Page:The Kiss and its History.djvu/37

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23
WHAT IS A KISS?

repeated as if for the purpose of duly impressing the moral of the song.

It is said in Als: Et kys er et stow, den der it vil ha et, ka vask et ow (a kiss is like a grain of dust, which any one who would be rid of it can wash away). We read as far back as Peder Syv[1]: Et kys kan afviskes (a kiss can be washed away), but he adds solemnly, and for our warning: "She who permits a kiss also permits more; and he who has access to kisses has also access to more." Even the Germans say: Kuss kann man zwar abwischen, aber das Feuer im Herzen nick löschen (a kiss may indeed be washed away, but the fire in the heart cannot be quenched).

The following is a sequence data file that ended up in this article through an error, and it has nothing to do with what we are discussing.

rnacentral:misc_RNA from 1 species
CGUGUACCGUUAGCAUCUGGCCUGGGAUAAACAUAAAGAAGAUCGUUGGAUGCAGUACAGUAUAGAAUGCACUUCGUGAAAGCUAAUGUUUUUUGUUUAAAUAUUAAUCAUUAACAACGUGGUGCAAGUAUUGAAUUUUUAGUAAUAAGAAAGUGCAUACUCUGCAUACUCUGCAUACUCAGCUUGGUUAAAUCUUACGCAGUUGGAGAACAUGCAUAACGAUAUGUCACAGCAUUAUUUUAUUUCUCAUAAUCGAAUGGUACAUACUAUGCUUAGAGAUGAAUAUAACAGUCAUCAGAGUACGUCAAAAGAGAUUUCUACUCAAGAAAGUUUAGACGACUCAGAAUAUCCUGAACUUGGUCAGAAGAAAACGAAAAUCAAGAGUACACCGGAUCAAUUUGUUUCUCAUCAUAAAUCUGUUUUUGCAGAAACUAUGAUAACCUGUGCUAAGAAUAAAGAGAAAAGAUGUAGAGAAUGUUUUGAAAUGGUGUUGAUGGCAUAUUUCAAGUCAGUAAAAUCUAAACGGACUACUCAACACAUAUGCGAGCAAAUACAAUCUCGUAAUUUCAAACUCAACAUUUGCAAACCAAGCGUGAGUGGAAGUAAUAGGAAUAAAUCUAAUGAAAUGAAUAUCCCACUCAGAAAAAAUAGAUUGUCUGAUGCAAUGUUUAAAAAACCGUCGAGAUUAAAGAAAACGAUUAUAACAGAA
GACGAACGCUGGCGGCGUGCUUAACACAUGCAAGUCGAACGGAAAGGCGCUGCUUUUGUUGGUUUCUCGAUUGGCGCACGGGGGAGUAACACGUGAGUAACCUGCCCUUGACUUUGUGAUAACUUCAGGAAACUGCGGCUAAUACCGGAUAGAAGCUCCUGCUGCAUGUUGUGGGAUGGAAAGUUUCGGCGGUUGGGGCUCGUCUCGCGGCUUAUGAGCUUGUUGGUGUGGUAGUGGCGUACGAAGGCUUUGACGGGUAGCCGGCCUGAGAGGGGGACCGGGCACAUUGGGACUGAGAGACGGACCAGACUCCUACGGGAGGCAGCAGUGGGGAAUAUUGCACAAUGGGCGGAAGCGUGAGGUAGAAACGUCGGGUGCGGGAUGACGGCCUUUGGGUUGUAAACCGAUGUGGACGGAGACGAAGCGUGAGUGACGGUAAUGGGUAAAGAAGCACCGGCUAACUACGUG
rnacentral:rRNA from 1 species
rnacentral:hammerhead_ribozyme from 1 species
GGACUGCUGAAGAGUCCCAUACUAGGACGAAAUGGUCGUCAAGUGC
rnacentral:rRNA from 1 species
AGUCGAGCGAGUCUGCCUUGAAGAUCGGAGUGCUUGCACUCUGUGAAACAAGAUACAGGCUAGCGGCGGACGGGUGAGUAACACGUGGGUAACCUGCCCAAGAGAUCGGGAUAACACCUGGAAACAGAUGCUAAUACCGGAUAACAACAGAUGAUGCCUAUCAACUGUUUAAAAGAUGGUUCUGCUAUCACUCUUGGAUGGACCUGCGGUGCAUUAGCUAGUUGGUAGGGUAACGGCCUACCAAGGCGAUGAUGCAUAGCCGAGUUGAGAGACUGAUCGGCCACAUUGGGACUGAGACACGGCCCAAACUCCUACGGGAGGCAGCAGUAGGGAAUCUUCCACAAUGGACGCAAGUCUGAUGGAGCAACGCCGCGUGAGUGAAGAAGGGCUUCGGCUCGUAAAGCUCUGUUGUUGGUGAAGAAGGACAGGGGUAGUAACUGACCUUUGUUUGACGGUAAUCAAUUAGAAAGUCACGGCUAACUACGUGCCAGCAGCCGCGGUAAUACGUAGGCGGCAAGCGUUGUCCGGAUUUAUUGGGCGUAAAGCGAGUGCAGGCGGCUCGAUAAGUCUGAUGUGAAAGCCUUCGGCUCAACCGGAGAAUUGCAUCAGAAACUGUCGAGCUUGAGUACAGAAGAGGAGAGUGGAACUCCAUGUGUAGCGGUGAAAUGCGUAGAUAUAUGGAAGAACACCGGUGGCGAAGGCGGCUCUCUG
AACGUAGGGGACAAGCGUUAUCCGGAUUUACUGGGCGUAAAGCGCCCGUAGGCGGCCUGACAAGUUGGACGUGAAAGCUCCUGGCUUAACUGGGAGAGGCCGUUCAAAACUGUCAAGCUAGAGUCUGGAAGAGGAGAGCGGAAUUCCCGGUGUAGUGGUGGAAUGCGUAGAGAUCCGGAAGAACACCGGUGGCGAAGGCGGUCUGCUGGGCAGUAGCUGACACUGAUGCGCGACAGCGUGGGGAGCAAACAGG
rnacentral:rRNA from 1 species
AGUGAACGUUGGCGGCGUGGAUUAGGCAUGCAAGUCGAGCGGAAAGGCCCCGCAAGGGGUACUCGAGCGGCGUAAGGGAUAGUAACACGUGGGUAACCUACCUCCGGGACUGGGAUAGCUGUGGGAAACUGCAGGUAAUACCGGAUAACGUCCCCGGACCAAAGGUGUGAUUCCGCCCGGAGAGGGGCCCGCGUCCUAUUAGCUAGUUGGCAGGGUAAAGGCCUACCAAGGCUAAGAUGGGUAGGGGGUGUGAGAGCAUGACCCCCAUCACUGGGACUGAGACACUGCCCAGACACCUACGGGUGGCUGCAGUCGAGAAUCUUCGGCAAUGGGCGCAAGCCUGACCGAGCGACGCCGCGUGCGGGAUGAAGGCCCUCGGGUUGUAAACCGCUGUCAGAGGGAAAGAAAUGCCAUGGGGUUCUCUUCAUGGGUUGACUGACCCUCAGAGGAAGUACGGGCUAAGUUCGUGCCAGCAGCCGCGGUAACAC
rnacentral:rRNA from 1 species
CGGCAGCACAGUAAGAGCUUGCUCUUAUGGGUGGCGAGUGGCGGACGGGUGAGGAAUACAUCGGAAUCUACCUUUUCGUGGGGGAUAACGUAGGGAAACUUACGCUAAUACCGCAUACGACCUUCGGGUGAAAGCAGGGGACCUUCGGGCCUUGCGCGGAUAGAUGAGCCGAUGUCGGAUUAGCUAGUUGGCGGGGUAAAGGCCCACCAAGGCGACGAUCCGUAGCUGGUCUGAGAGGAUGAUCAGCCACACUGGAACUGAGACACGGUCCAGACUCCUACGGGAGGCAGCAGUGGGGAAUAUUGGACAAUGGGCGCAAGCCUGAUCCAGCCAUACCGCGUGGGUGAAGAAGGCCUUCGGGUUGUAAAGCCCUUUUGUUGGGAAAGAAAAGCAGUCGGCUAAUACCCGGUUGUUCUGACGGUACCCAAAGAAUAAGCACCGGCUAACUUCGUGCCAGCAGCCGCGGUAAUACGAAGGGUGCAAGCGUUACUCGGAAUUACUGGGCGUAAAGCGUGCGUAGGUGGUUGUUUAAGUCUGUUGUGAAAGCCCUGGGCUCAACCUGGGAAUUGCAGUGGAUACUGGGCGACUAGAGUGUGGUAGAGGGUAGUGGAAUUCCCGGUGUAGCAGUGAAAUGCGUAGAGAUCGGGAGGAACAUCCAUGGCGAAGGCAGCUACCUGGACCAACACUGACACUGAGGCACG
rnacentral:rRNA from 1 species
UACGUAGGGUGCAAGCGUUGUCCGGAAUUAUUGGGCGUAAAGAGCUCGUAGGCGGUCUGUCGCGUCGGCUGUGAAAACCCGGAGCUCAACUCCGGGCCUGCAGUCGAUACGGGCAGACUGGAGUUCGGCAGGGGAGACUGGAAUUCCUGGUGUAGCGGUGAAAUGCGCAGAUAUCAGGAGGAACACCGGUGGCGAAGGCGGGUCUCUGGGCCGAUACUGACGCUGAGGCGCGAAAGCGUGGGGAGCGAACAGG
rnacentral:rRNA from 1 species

Thus hardly the shadow of a doubt ought to exist as to kisses being extraordinarily dangerous—or, in any case, capable of becoming so—far more dangerous, for instance, than dynamite or gun-cotton; in the first place, at any rate, inasmuch as people are not in the habit of walking about with such explosives in their pockets, whereas every one has kisses always at hand, or, more correctly speaking,

  1. A Danish poet, philologist, and collector of proverbs (1631–1702).